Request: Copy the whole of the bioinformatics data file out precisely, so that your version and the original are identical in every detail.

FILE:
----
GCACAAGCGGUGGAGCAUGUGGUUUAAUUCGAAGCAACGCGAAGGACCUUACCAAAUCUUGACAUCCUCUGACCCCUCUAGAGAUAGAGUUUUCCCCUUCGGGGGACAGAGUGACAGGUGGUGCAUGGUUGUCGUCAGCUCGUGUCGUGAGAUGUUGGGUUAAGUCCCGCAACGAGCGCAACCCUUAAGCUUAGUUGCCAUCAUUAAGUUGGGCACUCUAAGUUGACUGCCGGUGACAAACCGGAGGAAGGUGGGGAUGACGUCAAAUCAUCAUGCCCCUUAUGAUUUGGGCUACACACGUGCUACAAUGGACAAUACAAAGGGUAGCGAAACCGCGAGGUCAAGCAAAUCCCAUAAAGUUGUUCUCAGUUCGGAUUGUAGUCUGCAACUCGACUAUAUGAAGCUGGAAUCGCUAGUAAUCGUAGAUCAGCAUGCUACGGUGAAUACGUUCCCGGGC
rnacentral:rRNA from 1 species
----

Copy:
GCACAAGCGGUGGAGCAUGUGGUUUAAUUCGAAGCAACGCGAAGGACCUUACCAAAUCUUGACAUCCUCUGACCCCUCUAGAGAUAGAGUUUUCCCCUUCGGGGGACAGAGUGACAGGUGGUGCAUGGUUGUCGUCAGCUCGUGUCGUGAGAUGUUGGGUUAAGUCCCGCAACGAGCGCAACCCUUAAGCUUAGUUGCCAUCAUUAAGUUGGGCACUCUAAGUUGACUGCCGGUGACAAACCGGAGGAAGGUGGGGAUGACGUCAAAUCAUCAUGCCCCUUAUGAUUUGGGCUACACACGUGCUACAAUGGACAAUACAAAGGGUAGCGAAACCGCGAGGUCAAGCAAAUCCCAUAAAGUUGUUCUCAGUUCGGAUUGUAGUCUGCAACUCGACUAUAUGAAGCUGGAAUCGCUAGUAAUCGUAGAUCAGCAUGCUACGGUGAAUACGUUCCCGGGC
rnacentral:rRNA from 1 species